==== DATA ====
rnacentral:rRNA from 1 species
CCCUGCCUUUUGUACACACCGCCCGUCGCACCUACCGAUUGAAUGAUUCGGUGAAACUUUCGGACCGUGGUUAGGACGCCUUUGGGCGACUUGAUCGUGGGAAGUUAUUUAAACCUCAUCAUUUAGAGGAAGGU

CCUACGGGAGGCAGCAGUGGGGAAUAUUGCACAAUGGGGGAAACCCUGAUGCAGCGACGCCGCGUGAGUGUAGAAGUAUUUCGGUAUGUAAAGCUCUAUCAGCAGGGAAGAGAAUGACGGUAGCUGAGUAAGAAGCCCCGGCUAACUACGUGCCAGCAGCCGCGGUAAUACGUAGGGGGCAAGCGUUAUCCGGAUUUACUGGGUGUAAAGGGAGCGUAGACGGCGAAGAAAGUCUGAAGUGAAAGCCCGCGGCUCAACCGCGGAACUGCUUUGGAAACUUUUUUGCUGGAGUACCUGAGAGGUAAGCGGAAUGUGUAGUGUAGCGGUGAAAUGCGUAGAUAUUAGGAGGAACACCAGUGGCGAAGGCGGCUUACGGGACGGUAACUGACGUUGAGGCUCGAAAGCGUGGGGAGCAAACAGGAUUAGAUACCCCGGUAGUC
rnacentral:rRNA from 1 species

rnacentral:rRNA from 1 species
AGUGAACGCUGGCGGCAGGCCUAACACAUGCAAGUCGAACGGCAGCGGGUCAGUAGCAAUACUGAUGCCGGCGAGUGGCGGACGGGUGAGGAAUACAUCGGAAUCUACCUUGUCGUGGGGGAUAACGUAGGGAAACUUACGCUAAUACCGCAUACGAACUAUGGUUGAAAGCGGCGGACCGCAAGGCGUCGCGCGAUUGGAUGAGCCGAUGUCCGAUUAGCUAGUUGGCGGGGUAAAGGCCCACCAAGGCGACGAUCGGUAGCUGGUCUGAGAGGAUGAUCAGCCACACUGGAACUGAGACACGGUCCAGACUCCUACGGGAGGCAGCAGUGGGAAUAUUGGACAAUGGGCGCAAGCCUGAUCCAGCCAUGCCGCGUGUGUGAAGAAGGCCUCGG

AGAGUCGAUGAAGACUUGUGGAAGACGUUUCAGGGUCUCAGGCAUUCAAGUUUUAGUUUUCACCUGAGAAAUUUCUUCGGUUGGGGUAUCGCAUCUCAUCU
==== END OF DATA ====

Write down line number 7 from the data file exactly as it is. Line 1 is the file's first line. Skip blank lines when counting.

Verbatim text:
AGAGUCGAUGAAGACUUGUGGAAGACGUUUCAGGGUCUCAGGCAUUCAAGUUUUAGUUUUCACCUGAGAAAUUUCUUCGGUUGGGGUAUCGCAUCUCAUCU